Was this review helpful to you?
3 of 4 people found the following review helpful
5.0 out of 5 stars A great many words 13 Oct 2011
Format:Paperback
There are an awful lot of words in this book (and plenty of diagrams), but if you are interested in moving on from the simple schoolboy pictures of musical waves etc., then it is an absolute mine of information on how everything from the voice to the violin works. If you are of a scientific or mathematical bent, then it is a quite a challenging and informative tome. And every instrument maker, and serious repairer, should have a copy.
Comment | 
Was this review helpful to you?
Most Helpful Customer Reviews on Amazon.com (beta)
Amazon.com: 3.8 out of 5 stars  23 reviews
31 of 31 people found the following review helpful
5.0 out of 5 stars An Outstanding Book, Designed to Make You Think 3 Aug 2004
By Benjamin Stern - Published on Amazon.com
Format:Paperback
While Benade's first book, "Horns Strings and Harmony", has some errors which he himself later acknowledged, "Fundamentals of Musical Acoustics" is one of the seminal books in the field. That doesn't mean that it is perfect in every respect, but it introduces a broad range of concepts in musical acoustics without the use of advanced mathematics, in a writing style that will appeal to the musician in addition to the scientist. The fine details of his theories regarding psychoacoustics, particularly pitch perception, have been challenged. But his general concepts are well accepted, and he presents them in a way that makes the reader think. His descriptions of experimental techniques (which generally aren't very complicated) have inspired me and others to repeat his experiments. Sometimes, results don't agree - that's when you have to think. Psychoacoustics relies on neurology and psychology, two sciences that, despite much brilliant work over the last 100 years, are still in their infancy. So, you can't judge his theories on psychoacoustics in the same light as his description of wave propagation, room modes, and perturbation functions in clarinets.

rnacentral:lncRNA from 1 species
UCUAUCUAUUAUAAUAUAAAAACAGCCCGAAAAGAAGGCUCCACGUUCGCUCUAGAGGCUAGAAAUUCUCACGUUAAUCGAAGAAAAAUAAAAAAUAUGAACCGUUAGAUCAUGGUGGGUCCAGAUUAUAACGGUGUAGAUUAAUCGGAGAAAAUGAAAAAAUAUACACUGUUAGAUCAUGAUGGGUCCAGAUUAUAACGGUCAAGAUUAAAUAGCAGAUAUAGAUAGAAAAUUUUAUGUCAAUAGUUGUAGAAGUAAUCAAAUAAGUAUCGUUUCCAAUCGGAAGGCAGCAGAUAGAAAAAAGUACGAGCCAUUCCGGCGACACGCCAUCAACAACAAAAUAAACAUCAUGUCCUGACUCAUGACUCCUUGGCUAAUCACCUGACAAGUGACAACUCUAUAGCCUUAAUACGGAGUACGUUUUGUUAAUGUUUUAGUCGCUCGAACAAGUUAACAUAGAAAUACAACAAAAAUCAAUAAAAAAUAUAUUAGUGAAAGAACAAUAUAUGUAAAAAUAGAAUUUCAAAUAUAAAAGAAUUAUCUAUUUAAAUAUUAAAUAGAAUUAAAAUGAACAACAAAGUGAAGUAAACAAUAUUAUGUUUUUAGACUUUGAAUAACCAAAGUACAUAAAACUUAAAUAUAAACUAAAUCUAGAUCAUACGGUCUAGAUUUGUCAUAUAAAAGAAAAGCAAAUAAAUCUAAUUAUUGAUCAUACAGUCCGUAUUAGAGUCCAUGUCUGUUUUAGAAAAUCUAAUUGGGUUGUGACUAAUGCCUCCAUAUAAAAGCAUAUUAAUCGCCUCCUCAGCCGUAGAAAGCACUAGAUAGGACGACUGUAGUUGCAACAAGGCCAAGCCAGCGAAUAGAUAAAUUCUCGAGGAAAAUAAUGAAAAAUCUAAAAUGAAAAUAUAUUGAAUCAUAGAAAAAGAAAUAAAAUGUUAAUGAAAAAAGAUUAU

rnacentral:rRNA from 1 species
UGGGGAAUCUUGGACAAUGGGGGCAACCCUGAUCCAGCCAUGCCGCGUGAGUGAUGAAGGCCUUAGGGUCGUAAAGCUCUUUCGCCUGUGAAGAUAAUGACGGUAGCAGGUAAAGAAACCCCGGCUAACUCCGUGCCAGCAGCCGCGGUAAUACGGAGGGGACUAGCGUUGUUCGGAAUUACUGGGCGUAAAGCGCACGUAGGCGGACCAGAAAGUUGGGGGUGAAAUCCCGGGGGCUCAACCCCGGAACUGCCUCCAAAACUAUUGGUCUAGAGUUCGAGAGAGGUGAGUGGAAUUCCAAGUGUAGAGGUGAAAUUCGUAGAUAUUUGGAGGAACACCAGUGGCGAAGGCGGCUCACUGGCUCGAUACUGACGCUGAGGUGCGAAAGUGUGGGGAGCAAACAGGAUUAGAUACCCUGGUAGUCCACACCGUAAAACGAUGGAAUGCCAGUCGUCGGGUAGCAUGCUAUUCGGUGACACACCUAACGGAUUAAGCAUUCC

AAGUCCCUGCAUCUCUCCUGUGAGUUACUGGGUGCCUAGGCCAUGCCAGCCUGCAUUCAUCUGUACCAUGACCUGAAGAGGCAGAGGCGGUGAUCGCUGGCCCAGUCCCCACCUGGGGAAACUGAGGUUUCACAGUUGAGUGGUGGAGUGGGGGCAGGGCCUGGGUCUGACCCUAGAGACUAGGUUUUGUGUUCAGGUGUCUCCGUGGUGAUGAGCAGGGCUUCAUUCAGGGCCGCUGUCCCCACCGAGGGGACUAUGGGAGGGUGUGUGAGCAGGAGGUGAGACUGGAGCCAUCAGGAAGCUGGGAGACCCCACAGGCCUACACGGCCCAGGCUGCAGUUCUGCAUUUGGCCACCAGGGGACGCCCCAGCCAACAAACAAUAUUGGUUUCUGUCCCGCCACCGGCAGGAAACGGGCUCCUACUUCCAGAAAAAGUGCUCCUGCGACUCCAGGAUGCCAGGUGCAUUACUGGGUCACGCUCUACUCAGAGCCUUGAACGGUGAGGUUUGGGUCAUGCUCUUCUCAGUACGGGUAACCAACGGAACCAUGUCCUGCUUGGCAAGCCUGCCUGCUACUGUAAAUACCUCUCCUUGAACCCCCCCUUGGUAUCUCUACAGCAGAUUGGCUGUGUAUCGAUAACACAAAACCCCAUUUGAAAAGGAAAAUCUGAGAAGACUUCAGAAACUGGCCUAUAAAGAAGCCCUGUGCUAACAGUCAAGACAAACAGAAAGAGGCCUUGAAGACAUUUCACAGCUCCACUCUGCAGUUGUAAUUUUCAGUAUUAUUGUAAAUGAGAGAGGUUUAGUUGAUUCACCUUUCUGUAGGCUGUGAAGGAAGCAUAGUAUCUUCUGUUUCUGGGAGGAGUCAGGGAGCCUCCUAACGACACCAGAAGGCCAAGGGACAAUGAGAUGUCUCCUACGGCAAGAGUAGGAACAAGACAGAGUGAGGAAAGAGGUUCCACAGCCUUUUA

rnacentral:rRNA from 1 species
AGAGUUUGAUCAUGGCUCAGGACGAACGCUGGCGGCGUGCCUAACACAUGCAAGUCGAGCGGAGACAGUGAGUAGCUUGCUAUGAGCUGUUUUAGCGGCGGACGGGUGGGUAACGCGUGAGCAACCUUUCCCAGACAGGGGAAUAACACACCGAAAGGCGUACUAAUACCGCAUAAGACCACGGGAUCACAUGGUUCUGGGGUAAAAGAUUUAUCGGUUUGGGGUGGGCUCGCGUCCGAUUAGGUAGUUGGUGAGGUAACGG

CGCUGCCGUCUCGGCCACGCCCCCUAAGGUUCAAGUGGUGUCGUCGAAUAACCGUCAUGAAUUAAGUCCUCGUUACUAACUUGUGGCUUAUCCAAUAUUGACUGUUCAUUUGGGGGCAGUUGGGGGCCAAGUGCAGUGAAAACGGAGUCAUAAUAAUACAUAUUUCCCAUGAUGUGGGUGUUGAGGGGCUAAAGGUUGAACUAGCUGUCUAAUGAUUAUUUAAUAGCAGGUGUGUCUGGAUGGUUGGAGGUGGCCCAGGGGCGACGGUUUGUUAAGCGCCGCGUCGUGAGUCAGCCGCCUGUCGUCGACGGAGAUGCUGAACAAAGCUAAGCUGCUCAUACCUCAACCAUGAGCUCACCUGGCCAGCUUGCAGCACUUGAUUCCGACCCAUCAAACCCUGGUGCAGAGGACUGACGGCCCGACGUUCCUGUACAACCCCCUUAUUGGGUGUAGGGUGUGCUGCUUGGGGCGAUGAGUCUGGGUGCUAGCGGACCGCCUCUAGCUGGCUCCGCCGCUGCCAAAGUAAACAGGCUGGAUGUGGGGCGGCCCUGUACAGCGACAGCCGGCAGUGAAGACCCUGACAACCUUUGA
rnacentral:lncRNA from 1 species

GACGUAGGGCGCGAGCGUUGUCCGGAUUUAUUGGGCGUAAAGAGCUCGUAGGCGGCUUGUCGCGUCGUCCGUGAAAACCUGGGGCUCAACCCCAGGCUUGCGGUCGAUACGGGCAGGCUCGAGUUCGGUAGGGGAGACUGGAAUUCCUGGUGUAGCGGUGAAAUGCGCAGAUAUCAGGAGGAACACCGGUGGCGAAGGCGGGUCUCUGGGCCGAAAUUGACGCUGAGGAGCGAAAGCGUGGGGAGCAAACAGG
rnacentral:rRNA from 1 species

As a musician and an engineer, I highly recommend this book to anyone interested in how music and physics intersect. This is not the book to answer all your questions - it is the book to get you started on asking the right questions.
40 of 42 people found the following review helpful